There’s an old familiar Robert Frost poem that speaks about diverging roads. You are probably familiar with its most famous line about taking the road less traveled and that making all the difference. Yet the poem is not titled “the road less traveled.” No, it is titled “The Road Not Taken.” As if the author is not focused on the road he took, but more on the road not taken.
And if, in fact, you read the poem, it is focused on the road NOT taken. Listen.
Two roads diverged in a yellow wood,
And sorry I could not travel both
And be one traveler, long I stood
And looked down one as far as I could
To where it bent in the undergrowth;
Then took the other, as just as fair,
And having perhaps the better claim,
Because it was grassy and wanted wear;
Though as for that the passing there
Had worn them really about the same,
And both that morning equally lay
In leaves no step had trodden black.
Oh, I kept the first for another day!
Yet knowing how way leads on to way,
I doubted if I should ever come back.
I shall be telling this with a sigh
Somewhere ages and ages hence:
Two roads diverged in a wood, and I—
I took the one less traveled by,
And that has made all the difference.
Frost wrote this poem as a joke for a fellow poet, Thomas Edwards. They would walk through the woods together and Edwards was always so indecisive about which direction they should go, that Frost wrote this poem to sort of poke fun at him…especially because Edwards would often lament afterwards that they should have gone the other way.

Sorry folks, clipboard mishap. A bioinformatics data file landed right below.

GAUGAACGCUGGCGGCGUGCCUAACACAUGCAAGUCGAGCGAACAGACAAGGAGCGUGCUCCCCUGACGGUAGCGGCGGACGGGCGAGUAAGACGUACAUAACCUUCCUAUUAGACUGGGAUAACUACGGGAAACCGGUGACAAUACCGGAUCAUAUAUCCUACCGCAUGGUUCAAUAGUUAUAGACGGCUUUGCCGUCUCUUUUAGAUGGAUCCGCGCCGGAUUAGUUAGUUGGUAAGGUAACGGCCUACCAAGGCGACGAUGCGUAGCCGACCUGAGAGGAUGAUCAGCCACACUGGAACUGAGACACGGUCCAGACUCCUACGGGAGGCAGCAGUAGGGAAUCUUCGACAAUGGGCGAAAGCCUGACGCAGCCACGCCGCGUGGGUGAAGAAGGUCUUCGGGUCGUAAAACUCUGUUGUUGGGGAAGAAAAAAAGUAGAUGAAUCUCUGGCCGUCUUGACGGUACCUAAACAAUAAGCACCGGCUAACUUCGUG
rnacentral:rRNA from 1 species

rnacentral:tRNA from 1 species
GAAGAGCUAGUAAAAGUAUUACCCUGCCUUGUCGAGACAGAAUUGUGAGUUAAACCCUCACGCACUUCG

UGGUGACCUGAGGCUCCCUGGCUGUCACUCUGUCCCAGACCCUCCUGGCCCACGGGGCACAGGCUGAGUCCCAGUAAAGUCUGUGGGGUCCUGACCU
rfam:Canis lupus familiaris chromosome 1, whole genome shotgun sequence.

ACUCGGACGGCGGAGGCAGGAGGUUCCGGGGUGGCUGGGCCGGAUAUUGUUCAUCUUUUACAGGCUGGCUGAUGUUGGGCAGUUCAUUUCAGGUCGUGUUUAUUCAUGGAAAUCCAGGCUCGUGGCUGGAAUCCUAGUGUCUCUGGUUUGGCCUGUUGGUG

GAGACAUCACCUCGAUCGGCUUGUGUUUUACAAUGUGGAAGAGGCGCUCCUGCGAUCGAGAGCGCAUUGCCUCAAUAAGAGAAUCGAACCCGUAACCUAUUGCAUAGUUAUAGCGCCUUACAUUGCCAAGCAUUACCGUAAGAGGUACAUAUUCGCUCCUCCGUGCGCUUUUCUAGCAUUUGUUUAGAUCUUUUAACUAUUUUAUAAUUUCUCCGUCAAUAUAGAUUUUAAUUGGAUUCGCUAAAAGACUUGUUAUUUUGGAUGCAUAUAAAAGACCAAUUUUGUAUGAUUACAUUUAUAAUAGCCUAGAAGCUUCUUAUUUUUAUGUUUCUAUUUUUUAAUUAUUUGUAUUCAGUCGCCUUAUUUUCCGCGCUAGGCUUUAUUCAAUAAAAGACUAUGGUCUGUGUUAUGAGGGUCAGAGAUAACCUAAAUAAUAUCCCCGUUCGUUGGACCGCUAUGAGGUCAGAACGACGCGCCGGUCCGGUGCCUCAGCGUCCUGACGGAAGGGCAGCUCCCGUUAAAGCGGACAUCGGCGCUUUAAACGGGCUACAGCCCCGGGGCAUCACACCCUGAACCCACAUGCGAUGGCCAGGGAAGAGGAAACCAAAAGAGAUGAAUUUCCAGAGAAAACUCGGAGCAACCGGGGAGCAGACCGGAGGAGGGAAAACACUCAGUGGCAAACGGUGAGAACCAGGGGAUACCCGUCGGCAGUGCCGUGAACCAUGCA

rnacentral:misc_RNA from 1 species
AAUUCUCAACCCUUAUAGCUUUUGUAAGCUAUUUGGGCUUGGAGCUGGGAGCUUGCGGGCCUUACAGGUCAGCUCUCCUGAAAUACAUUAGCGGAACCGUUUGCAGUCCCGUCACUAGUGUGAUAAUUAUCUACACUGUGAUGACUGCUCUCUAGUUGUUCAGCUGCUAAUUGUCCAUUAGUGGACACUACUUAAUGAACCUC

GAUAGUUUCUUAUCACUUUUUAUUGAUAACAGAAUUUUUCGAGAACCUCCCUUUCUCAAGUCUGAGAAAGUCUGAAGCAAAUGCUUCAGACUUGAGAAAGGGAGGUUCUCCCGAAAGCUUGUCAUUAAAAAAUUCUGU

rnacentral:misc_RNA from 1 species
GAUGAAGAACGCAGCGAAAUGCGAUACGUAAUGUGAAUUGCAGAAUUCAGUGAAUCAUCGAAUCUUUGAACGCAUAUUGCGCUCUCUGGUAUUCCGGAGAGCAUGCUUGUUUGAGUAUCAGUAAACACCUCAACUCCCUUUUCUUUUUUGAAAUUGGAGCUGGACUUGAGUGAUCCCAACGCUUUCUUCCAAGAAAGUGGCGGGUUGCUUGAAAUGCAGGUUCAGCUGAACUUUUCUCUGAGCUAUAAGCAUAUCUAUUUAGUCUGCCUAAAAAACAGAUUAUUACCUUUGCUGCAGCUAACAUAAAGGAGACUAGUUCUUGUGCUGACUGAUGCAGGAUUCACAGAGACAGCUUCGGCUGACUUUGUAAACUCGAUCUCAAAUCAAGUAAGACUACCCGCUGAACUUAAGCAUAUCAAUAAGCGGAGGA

Obviously the poem has become quite famous. Most folks read it and take it pretty seriously….recognizing that the poem insists that a single decision can transform a life.
Though, as I said, Frost wrote it as a a joke, he admitted that he was never more serious than when he joked.
When roads diverge you have a choice to make. And whichever path you choice will change you, it will make a difference.
Palm Sunday, believe it or not, it about divergence, just like Frost’s poem. And there is both humor and seriousness in the Story of Palms.
Most of us know pretty well the story of Jesus processing into Jerusalem on a donkey…or was it a colt (actually it was both, and don’t ask me how Jesus rode both a donkey and a colt at the same time!). Listen to the scripture again:
When they approached Jerusalem and came to Bethphage on the Mount of Olives, Jesus gave two disciples a task. He said to them, “Go into the village over there. As soon as you enter, you will find a donkey tied up and a colt with it. Untie them and bring them to me. If anybody says anything to you, say that the Lord needs it.”
He sent them off right away. Now this happened to fulfill what the prophet said,
Say to Daughter Zion, “Look, your king is coming to you, humble and riding on a donkey, and on a colt the donkey’s offspring.”
The disciples went and did just as Jesus had ordered them. They brought the donkey and the colt and laid their clothes on them. Then he sat on them.
Now a large crowd spread their clothes on the road. Others cut palm branches off the trees and spread them on the road. The crowds in front of him and behind him shouted, “Hosanna to the Son of David! Blessings on the one who comes in the name of the Lord! Hosanna in the highest!”